of Dogs and Cats:
a Bigger World than
Jan S. Suchodolski, med vet, Dr med vet, PhD
Recent molecular studies have revealed that the mammalian gastrointestinal (GI) tract
harbors a highly complex microbiota that includes bacteria, archaea, fungi, protozoa,
and viruses. The total microbial load in the intestine is estimated to range between
1012to 1014organisms, about 10 times the number of host cells. It is estimated that
several thousand bacterial phylotypes reside in the GI tract.1–3The gene content of
these microbes is defined as the intestinal microbiome. Gut microbes play a crucial
role in the regulation of host health, by stimulating the immune system and develop-
ment of gut structure, aiding in the defense against invading pathogens and providing
nutritional benefit to the host (ie, production of short chain fatty acids, vitamin B12). In
contrast, a microbial dysbiosis has been identified in dogs and cats with GI disease
This review summarizes current information about the intestinal microbial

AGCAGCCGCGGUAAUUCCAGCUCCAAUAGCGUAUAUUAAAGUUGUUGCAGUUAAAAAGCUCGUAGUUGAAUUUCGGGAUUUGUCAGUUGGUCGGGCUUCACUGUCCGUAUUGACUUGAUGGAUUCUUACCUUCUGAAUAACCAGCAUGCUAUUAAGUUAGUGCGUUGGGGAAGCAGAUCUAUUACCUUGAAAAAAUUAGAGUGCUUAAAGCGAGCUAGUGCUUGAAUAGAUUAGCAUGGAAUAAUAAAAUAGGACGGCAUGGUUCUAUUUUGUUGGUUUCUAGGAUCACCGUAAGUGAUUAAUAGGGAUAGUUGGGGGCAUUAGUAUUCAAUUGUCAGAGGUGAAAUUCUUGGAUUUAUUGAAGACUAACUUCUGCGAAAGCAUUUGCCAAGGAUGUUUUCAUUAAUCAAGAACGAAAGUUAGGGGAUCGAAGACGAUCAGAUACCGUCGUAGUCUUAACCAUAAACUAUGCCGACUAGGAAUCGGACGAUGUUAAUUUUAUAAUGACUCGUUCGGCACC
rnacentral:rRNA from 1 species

ecosystem in dogs and cats.
Methods for Characterization of the Intestinal Microbiome
Cultivation methods are most useful when targeting a specific pathogen in clinical
specimens (eg, Salmonella). Culture assesses the viability of organisms and allows
antimicrobial susceptibility testing. Isolates can be genotyped for epidemiologic
studies. Culture is also valuable for characterizing the metabolic properties of isolates
and their virulence factors.
The author has nothing to disclose.
Department of Small Animal Clinical Sciences, Gastrointestinal Laboratory,College of Veterinary
Medicine and Biomedical Sciences, Texas A&M University, College Station, TX 77843‑4474, USA
E-mail address: firstname.lastname@example.org
? Feline ? Canine ? Gastrointestinal ? 16S rRNA gene
?Microflora ?Microbiota ?Gastrointestinal tract
Vet Clin Small Anim 41 (2011) 261–272
0195-5616/11/$ – see front matter ? 2011 Elsevier Inc. All rights reserved.
Alterations in bacterial groups observed in dogs and cats with GI disease
Refs.Sample MaterialDiagnosisMethod Microbial Alterations
Suchodolski et al4
Duodenal biopsiesIBD Comparative 16S rRNA gene analysis
Allenspach et al48
GSD with food- or antibiotic-
Comparative 16S rRNA gene analysis
Jergens et al35
Duodenal biopsies IBD 16S rRNA gene 454-pyrosequencing
YClostridium cluster XIVa and IV
Ruminococcus, Dorea spp)
Xenoulis et al5
IBDComparative 16S rRNA gene analysis
Craven et al49
Duodenal biopsiesChronic enteropathies (steroid-,
food-, and antibiotic-responsive)
16S rRNA gene
Simpson et al50
Colonic biopsiesBoxer dogs with
Fluorescence in-situ hybridization Intraepithelial invasion of
adherent and invasive E coli
Jia et al9
Bell et al7
FecesChronic diarrhea Fluorescence in-situ hybridization